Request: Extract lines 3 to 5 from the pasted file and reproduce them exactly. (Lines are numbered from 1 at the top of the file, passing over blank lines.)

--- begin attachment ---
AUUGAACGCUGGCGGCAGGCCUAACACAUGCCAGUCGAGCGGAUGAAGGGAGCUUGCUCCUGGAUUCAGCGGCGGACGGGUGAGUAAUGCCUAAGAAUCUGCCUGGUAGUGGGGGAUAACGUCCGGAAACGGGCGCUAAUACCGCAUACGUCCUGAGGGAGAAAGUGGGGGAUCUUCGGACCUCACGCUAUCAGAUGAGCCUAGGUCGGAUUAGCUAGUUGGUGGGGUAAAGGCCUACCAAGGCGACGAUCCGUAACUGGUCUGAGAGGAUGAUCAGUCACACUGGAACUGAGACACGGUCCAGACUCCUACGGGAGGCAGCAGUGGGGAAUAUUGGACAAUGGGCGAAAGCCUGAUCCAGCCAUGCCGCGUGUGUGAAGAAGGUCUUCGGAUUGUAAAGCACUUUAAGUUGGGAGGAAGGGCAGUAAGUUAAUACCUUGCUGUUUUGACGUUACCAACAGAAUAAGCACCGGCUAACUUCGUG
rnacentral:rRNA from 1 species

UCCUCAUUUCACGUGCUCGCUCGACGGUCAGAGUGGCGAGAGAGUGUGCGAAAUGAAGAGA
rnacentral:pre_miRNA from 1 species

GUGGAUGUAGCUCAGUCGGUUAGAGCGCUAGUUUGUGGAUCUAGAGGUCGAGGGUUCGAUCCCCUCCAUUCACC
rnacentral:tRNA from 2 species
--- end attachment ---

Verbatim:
UCCUCAUUUCACGUGCUCGCUCGACGGUCAGAGUGGCGAGAGAGUGUGCGAAAUGAAGAGA
rnacentral:pre_miRNA from 1 species

GUGGAUGUAGCUCAGUCGGUUAGAGCGCUAGUUUGUGGAUCUAGAGGUCGAGGGUUCGAUCCCCUCCAUUCACC